~ How to: Blind-Bake a Pastry Shell (Baking Blind) ~
It's about 9:30AM and Joe just came in from his garden with about 8 pounds of rhubarb. Eating rhubarb pie out on our deck in the moonlight tonight will be an amusing way to end an otherwise humdrum workweek, so, I'd best get to work. Hardly. I'll mix a couple of pie pastries up in my food processor and blind bake them. Start to finish, I'll be done in less than 30 minutes. Relax, I'm not handing out blindfolds. But, the number of times I've seen that "doe in the headlights look" when I say, "I'm going to blind-bake a pastry shell" leads me to believe many folks don't have a clue what this odd term means.
Since the pie baking season is upon us, I think it's time to demystify this!
Blind-bake or bake blind, is the English term for baking a pastry shell before it is filled. There are two instances when you need to prebake your pie pastry: #1) A pastry shell that once the filling is added does not return to the oven for further baking. In this application the pie pastry must be fully-baked, nicely browned and completely cooled before you add the filling, and #2) A pastry shell that will get filled with a stirred custard, cream, mousse or fully-cooked/ready-to-eat filling and will return to the oven for further baking. In this application, the degree to which you prebake your pie pastry (barely brown, lightly brown, golden brown) is determined by the length of time it will take the filled pie to finish baking, meaning: the longer it will take for your pie filling to bake, the lighter in color your prebaked crust should be when it goes into the oven.
If you put it into the oven as it is, it is going to blister and bubble on the bottom and sides, and, shrink in size, which can cause a lot of unevenness and possibly even some cracks or tears in the finished pastry. The solution to the problem is to use: pie weights.
You have options here. Some folks like to use beans or rice. I do not. Some folks like to use loose metal or ceramic pie weights. I do not. In France, they like to use clean, round pebbles. I do not. What is my "beef" with these options? These loose, spillable, hard to control items are a hot accident waiting to happen. I like to use pie chains. Pie chains are basically large strands of metal beads. Lets prebake the pie pastry and you'll see why I like pie chains:
~ Step 1. To completely or partially bake a pie pastry, preheat oven to 425 degrees. Using a fork, prick the bottom and sides of the pie pastry liberally. Prick with a steady hand. You don't want the fork to slip, causing holes that are too large or even a tear in your pastry.
Note: You can prep the pastry shell, to this point, one day in advance of blind-baking it. Lightly wrap it and the pie dish in plastic wrap and refrigerate.
~ Step 2. Using kitchen shears, cut a round piece of parchment paper (or aluminum foil) about 1" larger than the diameter of the bottom of the pie dish. Using your fingertips, gently/lightly press the parchment into the bottom and partially up the sides of the pie pastry.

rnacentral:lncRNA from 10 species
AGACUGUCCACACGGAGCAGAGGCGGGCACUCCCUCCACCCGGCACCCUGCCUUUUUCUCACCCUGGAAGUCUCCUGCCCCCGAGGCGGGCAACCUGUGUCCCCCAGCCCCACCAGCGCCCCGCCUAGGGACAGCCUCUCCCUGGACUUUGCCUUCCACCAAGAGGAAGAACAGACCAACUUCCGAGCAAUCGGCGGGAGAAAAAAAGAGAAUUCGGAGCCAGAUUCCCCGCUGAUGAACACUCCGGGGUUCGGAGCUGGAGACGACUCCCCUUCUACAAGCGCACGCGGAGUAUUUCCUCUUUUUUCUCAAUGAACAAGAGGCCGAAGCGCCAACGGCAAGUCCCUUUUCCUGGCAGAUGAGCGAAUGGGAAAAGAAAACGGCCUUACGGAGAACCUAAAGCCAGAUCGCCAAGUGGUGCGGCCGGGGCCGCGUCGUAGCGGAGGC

~ Step 3. Add the pie chains, one at a time. You don't want a tangled mess when your removing them. My pie chains weigh about 4-ounces each and I like to add 4 of them (1 pound of weight).
~ Step 4. Bake on center rack of preheated 425 degree oven, until the decorative rim of the pastry is just set to the touch: It will look dry, it will be firming up, but it won't be brown, and if it is, it will just be starting to turn brown around the edges. This will take about 3 minutes, keeping in mind that all oven temperatures vary slightly. Remove from oven.
Using a fork, carefully lift the strands of pie chains, like spaghetti from a bowl, one at a time, from the pastry shell and place them on a plate to cool.
This, is what makes pie chains so user friendly, and, why I highly recommend investing in them!
~ Step 6. Return the empty pie pastry to the oven. For a pastry shell that will get baked further after the filling has been added, bake according to the specific recipe's instructions (if they give them to you, follow them), or until the crust is almost done, lightly browned, about 3 minutes longer. For a pastry shell that will not be returned to the oven after it is filled, bake until golden brown, about 4-6 minutes. Check your pastry shell several times during this process: If at any time it puffs up, prick it again with a fork. If at any time the decorative rim begins to look too dark, cover it with a pie crust shield or a few strips of aluminum foil. Here is a perfectly blind-baked pie pastry that will not be returned to the oven: Just fill and eat!
Special Equipment List: fork; kitchen shears; parchment paper (or aluminum foil); pie chains (or pie weights); cooling rack
Cook's Note: A blind-baked pie pastry can be baked and cooled 1 day in advance of using. For best results, do not cover it with plastic wrap or refrigerate it as either will soften the crust. For the same reason, I do not recommend freezing a blind-baked crust either!
"We are all in this food world together." ~ Melanie Preschutti
(Recipe, Commentary and Photos courtesy of Melanie's Kitchen/Copyright 2010)